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Catalysts for controlled cascade reactions
Professor Wolfgang Schuhmann intends to produce useful platform chemicals from harmful gases on an industrial scale using innovative catalytic cascade reactions. The Chair of Analytical Chemistry at Ruhr-Universität Bochum (RUB) has received an Advanced Grant from the European Research Council (ERC) for this project. The funding totals 2.5 million euros for five years. RUB will therefore host in total 15 ERC grants in the future, including one participation.
Reaction chain does not normally run as desired
The electrochemical conversion of CO2 or nitrogen oxides into useful or harmless subsequent products is based on a complex series of reactions. Some of them require more energy, some less. “Chemistry always chooses the energetically most favourable path,” explains Wolfgang Schuhmann, a member of the cluster of excellence Ruhr explores Solvation, Resolv. The reaction chain thus does not run as desired, and a wide range of products are created, not just the one that you want.
Moreover, CO2 is not easily soluble in aqueous liquids. It is thus not possible to convert industrially significant quantities of CO2 in conventional electrochemical cells.
One contact point for three phases
It is hoped that special electrodes modified with catalysts, which Wolfgang Schuhmann wants to design with his ERC grant, will provide a solution. They are based on a conductive fleece with a Teflon coating on one side, making it gas-permeable but not water-permeable. Various catalyst particles are embedded in the fleece. While the gas enters the fleece from the waterproof side, the fleece is moistened from the other side. “A place in which all three components – gas, liquid phase and catalyst – come into contact with each other is thus created inside the fleece,” explains Schuhmann.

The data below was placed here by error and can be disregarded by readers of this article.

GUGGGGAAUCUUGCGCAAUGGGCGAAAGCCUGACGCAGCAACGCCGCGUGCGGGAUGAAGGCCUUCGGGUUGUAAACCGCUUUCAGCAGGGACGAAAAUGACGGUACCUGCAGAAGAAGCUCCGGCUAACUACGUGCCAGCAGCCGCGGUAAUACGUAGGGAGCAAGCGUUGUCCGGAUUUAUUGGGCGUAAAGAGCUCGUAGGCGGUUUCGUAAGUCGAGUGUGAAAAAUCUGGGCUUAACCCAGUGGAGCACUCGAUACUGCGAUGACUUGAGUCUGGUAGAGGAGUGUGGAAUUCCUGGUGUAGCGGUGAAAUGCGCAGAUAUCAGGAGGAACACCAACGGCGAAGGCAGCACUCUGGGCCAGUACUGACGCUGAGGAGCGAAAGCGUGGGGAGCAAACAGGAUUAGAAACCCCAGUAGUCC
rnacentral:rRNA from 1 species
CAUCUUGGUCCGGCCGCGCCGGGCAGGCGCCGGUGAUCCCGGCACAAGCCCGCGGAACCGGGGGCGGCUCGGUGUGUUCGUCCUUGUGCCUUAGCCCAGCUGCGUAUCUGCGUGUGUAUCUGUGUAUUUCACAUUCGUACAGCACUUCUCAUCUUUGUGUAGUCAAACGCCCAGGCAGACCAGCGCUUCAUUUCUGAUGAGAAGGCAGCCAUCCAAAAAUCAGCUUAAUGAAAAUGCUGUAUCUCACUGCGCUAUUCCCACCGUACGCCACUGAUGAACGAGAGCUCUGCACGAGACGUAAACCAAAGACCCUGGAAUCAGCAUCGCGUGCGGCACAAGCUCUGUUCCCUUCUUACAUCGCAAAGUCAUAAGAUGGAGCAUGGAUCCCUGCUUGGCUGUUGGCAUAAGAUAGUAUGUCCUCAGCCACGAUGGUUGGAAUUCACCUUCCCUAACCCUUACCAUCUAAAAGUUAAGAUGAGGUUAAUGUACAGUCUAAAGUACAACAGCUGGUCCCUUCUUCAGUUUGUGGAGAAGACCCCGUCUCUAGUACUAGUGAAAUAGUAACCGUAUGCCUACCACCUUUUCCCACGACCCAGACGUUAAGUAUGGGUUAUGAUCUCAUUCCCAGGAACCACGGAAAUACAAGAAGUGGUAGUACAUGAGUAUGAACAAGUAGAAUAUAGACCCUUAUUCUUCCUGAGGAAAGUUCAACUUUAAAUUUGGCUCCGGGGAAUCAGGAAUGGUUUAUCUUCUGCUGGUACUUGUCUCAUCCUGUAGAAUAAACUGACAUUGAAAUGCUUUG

Particles with a certain order
The various different catalyst particles in the gas diffusion electrodes, have to be placed at defined relative locations, that only the desired reaction pathway should take place, ultimately causing the desired product to be created, such as harmless nitrogen from nitrogen oxides. This should prevent possible side paths for unwanted reactions to a large extent.
The aim of the ERC project is to understand the design of cooperating catalysts for selective cascade reactions and demonstrate their function. The research focuses on producing basic platform chemicals through the reduction of CO2 and air purification to remove nitrogen oxides.
Prof. Dr. Wolfgang Schuhmann
Analytical Chemistry – Centre for Electrochemistry
Faculty of Chemistry and Biochemistry
Phone: +49 (0)234 32 26200
28 March 2019